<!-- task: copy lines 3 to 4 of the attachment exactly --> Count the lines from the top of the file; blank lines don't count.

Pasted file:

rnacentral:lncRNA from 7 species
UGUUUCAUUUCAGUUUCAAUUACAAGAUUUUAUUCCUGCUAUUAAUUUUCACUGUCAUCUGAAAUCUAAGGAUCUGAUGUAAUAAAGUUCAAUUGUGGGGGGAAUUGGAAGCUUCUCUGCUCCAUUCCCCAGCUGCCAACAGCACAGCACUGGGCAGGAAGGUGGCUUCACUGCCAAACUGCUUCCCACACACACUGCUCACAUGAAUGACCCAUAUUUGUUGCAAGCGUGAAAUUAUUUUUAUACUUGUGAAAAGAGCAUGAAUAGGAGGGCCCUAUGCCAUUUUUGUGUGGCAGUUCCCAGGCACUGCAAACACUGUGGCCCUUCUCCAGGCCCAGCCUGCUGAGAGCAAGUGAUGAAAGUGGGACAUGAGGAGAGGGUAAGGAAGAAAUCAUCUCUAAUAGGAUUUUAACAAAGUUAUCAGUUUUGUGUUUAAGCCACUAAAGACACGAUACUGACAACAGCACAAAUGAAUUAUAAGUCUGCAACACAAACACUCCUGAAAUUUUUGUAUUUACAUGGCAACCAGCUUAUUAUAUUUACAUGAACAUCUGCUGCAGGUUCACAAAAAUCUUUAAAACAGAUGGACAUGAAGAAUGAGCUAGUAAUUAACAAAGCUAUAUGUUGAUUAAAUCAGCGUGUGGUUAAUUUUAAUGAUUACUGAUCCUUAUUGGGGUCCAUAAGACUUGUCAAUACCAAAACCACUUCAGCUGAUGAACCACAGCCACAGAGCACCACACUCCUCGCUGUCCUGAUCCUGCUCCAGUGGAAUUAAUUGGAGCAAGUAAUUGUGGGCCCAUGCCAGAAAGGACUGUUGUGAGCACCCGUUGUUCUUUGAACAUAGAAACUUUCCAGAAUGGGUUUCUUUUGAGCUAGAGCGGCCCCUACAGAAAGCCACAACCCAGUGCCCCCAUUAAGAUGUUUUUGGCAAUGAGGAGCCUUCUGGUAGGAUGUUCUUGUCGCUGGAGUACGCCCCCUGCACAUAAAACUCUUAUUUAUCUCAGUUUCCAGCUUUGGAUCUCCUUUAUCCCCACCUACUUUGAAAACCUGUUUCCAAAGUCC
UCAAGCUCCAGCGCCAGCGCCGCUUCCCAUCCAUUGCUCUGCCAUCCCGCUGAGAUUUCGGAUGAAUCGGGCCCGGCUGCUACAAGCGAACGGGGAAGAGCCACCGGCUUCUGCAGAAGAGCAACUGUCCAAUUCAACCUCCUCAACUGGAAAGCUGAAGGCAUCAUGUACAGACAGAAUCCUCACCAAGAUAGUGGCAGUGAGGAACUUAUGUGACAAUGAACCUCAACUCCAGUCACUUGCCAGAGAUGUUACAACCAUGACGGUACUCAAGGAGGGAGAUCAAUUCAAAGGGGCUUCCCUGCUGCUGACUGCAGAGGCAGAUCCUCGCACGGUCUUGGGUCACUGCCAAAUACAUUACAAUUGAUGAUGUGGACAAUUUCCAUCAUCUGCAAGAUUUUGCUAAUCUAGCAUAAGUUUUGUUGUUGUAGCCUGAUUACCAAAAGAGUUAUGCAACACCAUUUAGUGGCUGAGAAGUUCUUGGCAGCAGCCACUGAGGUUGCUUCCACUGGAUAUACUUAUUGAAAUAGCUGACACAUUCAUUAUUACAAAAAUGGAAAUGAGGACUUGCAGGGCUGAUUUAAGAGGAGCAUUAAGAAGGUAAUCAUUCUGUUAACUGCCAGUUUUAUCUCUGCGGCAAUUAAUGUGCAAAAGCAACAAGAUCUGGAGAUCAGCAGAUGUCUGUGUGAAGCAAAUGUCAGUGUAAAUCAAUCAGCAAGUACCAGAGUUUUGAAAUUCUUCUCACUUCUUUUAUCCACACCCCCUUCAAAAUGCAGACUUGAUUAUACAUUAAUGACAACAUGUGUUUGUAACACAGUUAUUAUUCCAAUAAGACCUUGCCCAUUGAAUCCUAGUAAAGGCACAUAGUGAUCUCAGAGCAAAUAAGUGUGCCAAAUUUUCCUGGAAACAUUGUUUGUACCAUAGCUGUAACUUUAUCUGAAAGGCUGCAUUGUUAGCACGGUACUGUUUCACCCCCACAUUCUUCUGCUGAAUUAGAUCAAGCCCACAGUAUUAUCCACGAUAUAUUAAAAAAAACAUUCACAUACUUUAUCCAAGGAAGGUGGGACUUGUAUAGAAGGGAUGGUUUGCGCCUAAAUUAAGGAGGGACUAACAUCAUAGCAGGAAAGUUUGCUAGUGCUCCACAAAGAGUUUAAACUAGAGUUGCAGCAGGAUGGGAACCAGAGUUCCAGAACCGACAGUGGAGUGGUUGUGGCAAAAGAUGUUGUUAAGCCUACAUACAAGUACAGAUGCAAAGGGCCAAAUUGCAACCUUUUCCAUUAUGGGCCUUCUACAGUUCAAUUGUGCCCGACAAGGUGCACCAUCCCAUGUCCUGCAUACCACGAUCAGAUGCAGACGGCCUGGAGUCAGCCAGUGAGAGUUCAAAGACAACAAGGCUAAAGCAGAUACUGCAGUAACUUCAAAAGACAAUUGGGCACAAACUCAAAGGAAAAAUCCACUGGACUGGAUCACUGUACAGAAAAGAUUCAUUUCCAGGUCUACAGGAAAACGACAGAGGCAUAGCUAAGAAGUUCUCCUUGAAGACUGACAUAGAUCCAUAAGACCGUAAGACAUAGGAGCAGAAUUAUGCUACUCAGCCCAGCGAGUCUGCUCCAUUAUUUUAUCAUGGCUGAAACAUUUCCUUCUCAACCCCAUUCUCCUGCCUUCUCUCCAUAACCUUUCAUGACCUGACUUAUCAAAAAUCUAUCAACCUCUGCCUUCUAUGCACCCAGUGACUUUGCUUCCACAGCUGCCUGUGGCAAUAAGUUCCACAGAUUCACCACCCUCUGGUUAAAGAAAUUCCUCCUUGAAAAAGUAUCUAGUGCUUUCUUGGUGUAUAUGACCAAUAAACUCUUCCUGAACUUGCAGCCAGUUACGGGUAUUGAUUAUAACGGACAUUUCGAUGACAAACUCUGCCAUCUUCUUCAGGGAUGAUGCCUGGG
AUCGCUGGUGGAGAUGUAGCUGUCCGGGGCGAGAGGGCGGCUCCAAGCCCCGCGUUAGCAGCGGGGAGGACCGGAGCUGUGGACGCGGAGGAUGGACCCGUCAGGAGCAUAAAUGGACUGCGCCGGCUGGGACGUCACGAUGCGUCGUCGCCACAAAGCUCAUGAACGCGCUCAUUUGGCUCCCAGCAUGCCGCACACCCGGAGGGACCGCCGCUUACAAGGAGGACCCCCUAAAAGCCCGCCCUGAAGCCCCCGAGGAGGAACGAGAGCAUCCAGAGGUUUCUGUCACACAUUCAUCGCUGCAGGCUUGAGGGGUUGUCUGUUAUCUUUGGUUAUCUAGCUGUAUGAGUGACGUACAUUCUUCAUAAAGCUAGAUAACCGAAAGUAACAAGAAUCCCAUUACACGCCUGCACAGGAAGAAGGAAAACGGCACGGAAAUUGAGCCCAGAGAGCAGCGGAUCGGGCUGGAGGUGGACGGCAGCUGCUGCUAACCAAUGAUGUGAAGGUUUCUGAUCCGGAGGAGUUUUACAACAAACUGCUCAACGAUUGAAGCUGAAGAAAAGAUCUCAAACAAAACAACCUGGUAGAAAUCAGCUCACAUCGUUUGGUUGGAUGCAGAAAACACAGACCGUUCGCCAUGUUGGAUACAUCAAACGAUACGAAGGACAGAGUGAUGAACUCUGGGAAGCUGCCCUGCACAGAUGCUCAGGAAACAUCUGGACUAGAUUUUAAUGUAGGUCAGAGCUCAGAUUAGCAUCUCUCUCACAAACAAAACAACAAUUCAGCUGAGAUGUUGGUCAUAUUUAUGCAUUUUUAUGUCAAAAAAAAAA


UCAAGCUCCAGCGCCAGCGCCGCUUCCCAUCCAUUGCUCUGCCAUCCCGCUGAGAUUUCGGAUGAAUCGGGCCCGGCUGCUACAAGCGAACGGGGAAGAGCCACCGGCUUCUGCAGAAGAGCAACUGUCCAAUUCAACCUCCUCAACUGGAAAGCUGAAGGCAUCAUGUACAGACAGAAUCCUCACCAAGAUAGUGGCAGUGAGGAACUUAUGUGACAAUGAACCUCAACUCCAGUCACUUGCCAGAGAUGUUACAACCAUGACGGUACUCAAGGAGGGAGAUCAAUUCAAAGGGGCUUCCCUGCUGCUGACUGCAGAGGCAGAUCCUCGCACGGUCUUGGGUCACUGCCAAAUACAUUACAAUUGAUGAUGUGGACAAUUUCCAUCAUCUGCAAGAUUUUGCUAAUCUAGCAUAAGUUUUGUUGUUGUAGCCUGAUUACCAAAAGAGUUAUGCAACACCAUUUAGUGGCUGAGAAGUUCUUGGCAGCAGCCACUGAGGUUGCUUCCACUGGAUAUACUUAUUGAAAUAGCUGACACAUUCAUUAUUACAAAAAUGGAAAUGAGGACUUGCAGGGCUGAUUUAAGAGGAGCAUUAAGAAGGUAAUCAUUCUGUUAACUGCCAGUUUUAUCUCUGCGGCAAUUAAUGUGCAAAAGCAACAAGAUCUGGAGAUCAGCAGAUGUCUGUGUGAAGCAAAUGUCAGUGUAAAUCAAUCAGCAAGUACCAGAGUUUUGAAAUUCUUCUCACUUCUUUUAUCCACACCCCCUUCAAAAUGCAGACUUGAUUAUACAUUAAUGACAACAUGUGUUUGUAACACAGUUAUUAUUCCAAUAAGACCUUGCCCAUUGAAUCCUAGUAAAGGCACAUAGUGAUCUCAGAGCAAAUAAGUGUGCCAAAUUUUCCUGGAAACAUUGUUUGUACCAUAGCUGUAACUUUAUCUGAAAGGCUGCAUUGUUAGCACGGUACUGUUUCACCCCCACAUUCUUCUGCUGAAUUAGAUCAAGCCCACAGUAUUAUCCACGAUAUAUUAAAAAAAACAUUCACAUACUUUAUCCAAGGAAGGUGGGACUUGUAUAGAAGGGAUGGUUUGCGCCUAAAUUAAGGAGGGACUAACAUCAUAGCAGGAAAGUUUGCUAGUGCUCCACAAAGAGUUUAAACUAGAGUUGCAGCAGGAUGGGAACCAGAGUUCCAGAACCGACAGUGGAGUGGUUGUGGCAAAAGAUGUUGUUAAGCCUACAUACAAGUACAGAUGCAAAGGGCCAAAUUGCAACCUUUUCCAUUAUGGGCCUUCUACAGUUCAAUUGUGCCCGACAAGGUGCACCAUCCCAUGUCCUGCAUACCACGAUCAGAUGCAGACGGCCUGGAGUCAGCCAGUGAGAGUUCAAAGACAACAAGGCUAAAGCAGAUACUGCAGUAACUUCAAAAGACAAUUGGGCACAAACUCAAAGGAAAAAUCCACUGGACUGGAUCACUGUACAGAAAAGAUUCAUUUCCAGGUCUACAGGAAAACGACAGAGGCAUAGCUAAGAAGUUCUCCUUGAAGACUGACAUAGAUCCAUAAGACCGUAAGACAUAGGAGCAGAAUUAUGCUACUCAGCCCAGCGAGUCUGCUCCAUUAUUUUAUCAUGGCUGAAACAUUUCCUUCUCAACCCCAUUCUCCUGCCUUCUCUCCAUAACCUUUCAUGACCUGACUUAUCAAAAAUCUAUCAACCUCUGCCUUCUAUGCACCCAGUGACUUUGCUUCCACAGCUGCCUGUGGCAAUAAGUUCCACAGAUUCACCACCCUCUGGUUAAAGAAAUUCCUCCUUGAAAAAGUAUCUAGUGCUUUCUUGGUGUAUAUGACCAAUAAACUCUUCCUGAACUUGCAGCCAGUUACGGGUAUUGAUUAUAACGGACAUUUCGAUGACAAACUCUGCCAUCUUCUUCAGGGAUGAUGCCUGGG
AUCGCUGGUGGAGAUGUAGCUGUCCGGGGCGAGAGGGCGGCUCCAAGCCCCGCGUUAGCAGCGGGGAGGACCGGAGCUGUGGACGCGGAGGAUGGACCCGUCAGGAGCAUAAAUGGACUGCGCCGGCUGGGACGUCACGAUGCGUCGUCGCCACAAAGCUCAUGAACGCGCUCAUUUGGCUCCCAGCAUGCCGCACACCCGGAGGGACCGCCGCUUACAAGGAGGACCCCCUAAAAGCCCGCCCUGAAGCCCCCGAGGAGGAACGAGAGCAUCCAGAGGUUUCUGUCACACAUUCAUCGCUGCAGGCUUGAGGGGUUGUCUGUUAUCUUUGGUUAUCUAGCUGUAUGAGUGACGUACAUUCUUCAUAAAGCUAGAUAACCGAAAGUAACAAGAAUCCCAUUACACGCCUGCACAGGAAGAAGGAAAACGGCACGGAAAUUGAGCCCAGAGAGCAGCGGAUCGGGCUGGAGGUGGACGGCAGCUGCUGCUAACCAAUGAUGUGAAGGUUUCUGAUCCGGAGGAGUUUUACAACAAACUGCUCAACGAUUGAAGCUGAAGAAAAGAUCUCAAACAAAACAACCUGGUAGAAAUCAGCUCACAUCGUUUGGUUGGAUGCAGAAAACACAGACCGUUCGCCAUGUUGGAUACAUCAAACGAUACGAAGGACAGAGUGAUGAACUCUGGGAAGCUGCCCUGCACAGAUGCUCAGGAAACAUCUGGACUAGAUUUUAAUGUAGGUCAGAGCUCAGAUUAGCAUCUCUCUCACAAACAAAACAACAAUUCAGCUGAGAUGUUGGUCAUAUUUAUGCAUUUUUAUGUCAAAAAAAAAA